Priscilla Papers | CBE International

You are here

Priscilla Papers

Book Review: Biblical Porn: Affect, Labor, and Pastor Mark Driscoll’s Evangelical Empire

Few evangelical Christians have not heard of pastor Mark Driscoll, and few are therefore unaware of his scandalous history at Mars Hill Church in Seattle, Washington. After building up one of the fastest growing church networks in America (see www.acts29.com) from the late 1990s to 2014, Driscoll was let go by the very fellowship of churches he helped build, on various charges of unethical behavior.

Feminist Thought: A More Comprehensive Introduction

The terms “feminism” and “feminist” are thrown around quite a bit these days. But the referent is rarely obvious. For some, feminists are men and women who want generic equality between the sexes. For others, feminists are extreme political, female leftists who angrily propose laws to penalize a whole range of social inequalities—whether in public or private spheres. For still others, feminism is an academic ideology that is currently trendy, especially at universities, which may overlap with pro-LGBTQ and/or Neo-Marxist projects. The list could go on.

Patterns of Ministry among the First Christians

In this second edition of Patterns of Ministry among the First Christians, Kevin Giles states that his primary goal is to provide a detailed study of the historical development and characteristics of Christian leadership that is accessible to a wide range of readers (viii). Accordingly, Giles avoids technical language that might hinder non-specialists. Additions to the 1991 edition include multiple digressions which will be of interest to readers of Priscilla Papers, as well as a closing chapter devoted to ordination.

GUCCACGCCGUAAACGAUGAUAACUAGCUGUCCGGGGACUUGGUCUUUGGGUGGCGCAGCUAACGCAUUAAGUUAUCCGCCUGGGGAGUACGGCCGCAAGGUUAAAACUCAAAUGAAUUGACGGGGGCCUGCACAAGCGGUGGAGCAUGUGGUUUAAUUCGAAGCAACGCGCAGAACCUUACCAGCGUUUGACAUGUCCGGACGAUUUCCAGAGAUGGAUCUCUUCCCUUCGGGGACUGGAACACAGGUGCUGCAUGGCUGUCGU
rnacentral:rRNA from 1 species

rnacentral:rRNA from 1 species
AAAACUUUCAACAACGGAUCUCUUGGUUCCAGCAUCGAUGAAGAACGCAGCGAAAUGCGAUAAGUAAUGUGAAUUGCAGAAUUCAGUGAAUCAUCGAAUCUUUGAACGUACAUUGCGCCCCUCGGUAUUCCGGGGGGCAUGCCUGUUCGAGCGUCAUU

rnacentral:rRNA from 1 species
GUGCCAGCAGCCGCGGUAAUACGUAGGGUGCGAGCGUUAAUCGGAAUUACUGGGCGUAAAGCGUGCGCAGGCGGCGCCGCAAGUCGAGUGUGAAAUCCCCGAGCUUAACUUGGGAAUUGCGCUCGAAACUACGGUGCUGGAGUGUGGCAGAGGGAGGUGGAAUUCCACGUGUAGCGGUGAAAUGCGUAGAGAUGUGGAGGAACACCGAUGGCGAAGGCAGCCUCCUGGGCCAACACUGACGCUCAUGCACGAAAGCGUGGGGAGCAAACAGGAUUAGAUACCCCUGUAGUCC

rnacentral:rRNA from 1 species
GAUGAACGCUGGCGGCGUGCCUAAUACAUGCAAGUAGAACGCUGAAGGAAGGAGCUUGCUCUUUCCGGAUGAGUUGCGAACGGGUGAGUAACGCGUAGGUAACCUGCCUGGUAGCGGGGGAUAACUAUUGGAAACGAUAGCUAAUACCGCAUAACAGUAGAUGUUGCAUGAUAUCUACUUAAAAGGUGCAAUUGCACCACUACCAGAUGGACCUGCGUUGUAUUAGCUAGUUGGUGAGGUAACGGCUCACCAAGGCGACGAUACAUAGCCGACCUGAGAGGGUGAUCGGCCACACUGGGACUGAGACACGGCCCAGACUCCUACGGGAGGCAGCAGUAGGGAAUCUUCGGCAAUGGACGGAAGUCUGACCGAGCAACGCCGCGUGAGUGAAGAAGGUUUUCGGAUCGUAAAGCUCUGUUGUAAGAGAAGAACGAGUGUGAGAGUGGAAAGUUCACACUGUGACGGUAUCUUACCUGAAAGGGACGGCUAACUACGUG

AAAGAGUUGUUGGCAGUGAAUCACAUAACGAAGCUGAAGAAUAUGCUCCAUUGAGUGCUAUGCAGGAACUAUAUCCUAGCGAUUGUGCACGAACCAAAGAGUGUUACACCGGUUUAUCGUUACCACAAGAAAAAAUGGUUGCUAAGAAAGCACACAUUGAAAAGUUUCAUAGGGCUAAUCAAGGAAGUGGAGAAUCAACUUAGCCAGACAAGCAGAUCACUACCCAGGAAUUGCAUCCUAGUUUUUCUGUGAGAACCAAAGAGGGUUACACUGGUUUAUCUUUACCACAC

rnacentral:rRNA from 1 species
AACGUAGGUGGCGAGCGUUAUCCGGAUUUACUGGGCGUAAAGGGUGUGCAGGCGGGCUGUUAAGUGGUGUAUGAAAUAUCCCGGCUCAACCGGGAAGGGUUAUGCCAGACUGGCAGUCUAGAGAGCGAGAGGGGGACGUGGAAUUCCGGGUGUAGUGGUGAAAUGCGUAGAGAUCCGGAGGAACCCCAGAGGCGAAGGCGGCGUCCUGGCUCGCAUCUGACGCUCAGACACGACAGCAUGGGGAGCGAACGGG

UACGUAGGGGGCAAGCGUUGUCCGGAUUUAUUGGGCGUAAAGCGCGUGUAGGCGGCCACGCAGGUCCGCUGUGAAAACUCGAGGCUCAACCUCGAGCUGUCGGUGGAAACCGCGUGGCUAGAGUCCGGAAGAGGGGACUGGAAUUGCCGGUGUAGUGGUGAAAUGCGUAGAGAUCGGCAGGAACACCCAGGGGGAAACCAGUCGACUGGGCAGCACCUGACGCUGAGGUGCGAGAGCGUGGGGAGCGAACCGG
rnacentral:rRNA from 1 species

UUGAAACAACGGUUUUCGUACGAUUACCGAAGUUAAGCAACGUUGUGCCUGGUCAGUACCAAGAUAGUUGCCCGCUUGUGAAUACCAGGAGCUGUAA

Book Review: The Rise and Fall of the Complementarian Doctrine of the Trinity

The terms “page turner” and “doctrine of the Trinity” would not often be found in the same sentence, but they are appropriate in the case of Kevin Giles’s most recent book on the issue. I found this five-chapter account of a recent theological dispute absolutely riveting, even though I already knew how it would end! It is an extraordinary story, told by a major player in the drama.

Book Review: My Daughter a Preacher!?!

Leslie Flynn has made many valuable contributions to the church during his long and distinguished career. He served as pastor of Grace Baptist Church in Nanuet, NY for forty years. He has written thirty-eight books including this 1996 title. I have never seen a long book by Pastor Flynn. His books are brief, not because he writes on unimportant topics but because he has the gift of concise statement and brevity.

Book Review: The Private War of Mrs. Packard

Every time discouragement sets in because of the slow progress of egalitarian ideas, we ought to be able to reach over our shoulders and pull from the shelf a book such as Sapinsley's. The story of Mrs. Packard (1816-1897), set in the American midwest, should remind all of us how much has been accomplished by our forebears.

Book Review: No Time for Silence

Chosen as one of ETERNITY magazine's best books of the year in 1987, this book encourages women to use their gifts fully in proclaiming the Gospel. Dr. Hassey presents the significant contributions made by American women engaged in public ministry in past years, and who were enthusiastically supported by such institutions as Moody Bible Institute. She writes, 'The earliest Bible conferences welcomed women preachers and Bible teachers . . .